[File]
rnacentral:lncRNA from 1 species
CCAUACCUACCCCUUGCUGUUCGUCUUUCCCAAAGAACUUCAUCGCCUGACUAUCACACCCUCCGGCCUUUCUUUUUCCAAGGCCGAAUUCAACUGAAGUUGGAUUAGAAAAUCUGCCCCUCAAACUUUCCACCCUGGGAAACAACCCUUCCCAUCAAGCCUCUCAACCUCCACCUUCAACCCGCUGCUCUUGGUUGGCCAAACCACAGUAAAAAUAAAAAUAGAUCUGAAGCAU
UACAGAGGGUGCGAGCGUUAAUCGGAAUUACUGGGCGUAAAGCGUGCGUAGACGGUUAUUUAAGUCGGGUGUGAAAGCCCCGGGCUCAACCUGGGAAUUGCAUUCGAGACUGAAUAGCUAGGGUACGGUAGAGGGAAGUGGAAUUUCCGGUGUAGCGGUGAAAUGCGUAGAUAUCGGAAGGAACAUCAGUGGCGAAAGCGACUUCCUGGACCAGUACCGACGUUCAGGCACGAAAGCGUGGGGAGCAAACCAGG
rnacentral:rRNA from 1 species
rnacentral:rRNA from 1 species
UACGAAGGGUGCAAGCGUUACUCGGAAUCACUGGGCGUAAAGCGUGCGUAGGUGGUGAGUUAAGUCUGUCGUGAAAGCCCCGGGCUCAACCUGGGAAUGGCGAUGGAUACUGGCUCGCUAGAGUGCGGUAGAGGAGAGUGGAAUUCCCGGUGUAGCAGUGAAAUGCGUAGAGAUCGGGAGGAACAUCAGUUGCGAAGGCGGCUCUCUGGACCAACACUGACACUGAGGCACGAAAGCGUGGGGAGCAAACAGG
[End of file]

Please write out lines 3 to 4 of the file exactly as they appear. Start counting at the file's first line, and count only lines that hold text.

UACAGAGGGUGCGAGCGUUAAUCGGAAUUACUGGGCGUAAAGCGUGCGUAGACGGUUAUUUAAGUCGGGUGUGAAAGCCCCGGGCUCAACCUGGGAAUUGCAUUCGAGACUGAAUAGCUAGGGUACGGUAGAGGGAAGUGGAAUUUCCGGUGUAGCGGUGAAAUGCGUAGAUAUCGGAAGGAACAUCAGUGGCGAAAGCGACUUCCUGGACCAGUACCGACGUUCAGGCACGAAAGCGUGGGGAGCAAACCAGG
rnacentral:rRNA from 1 species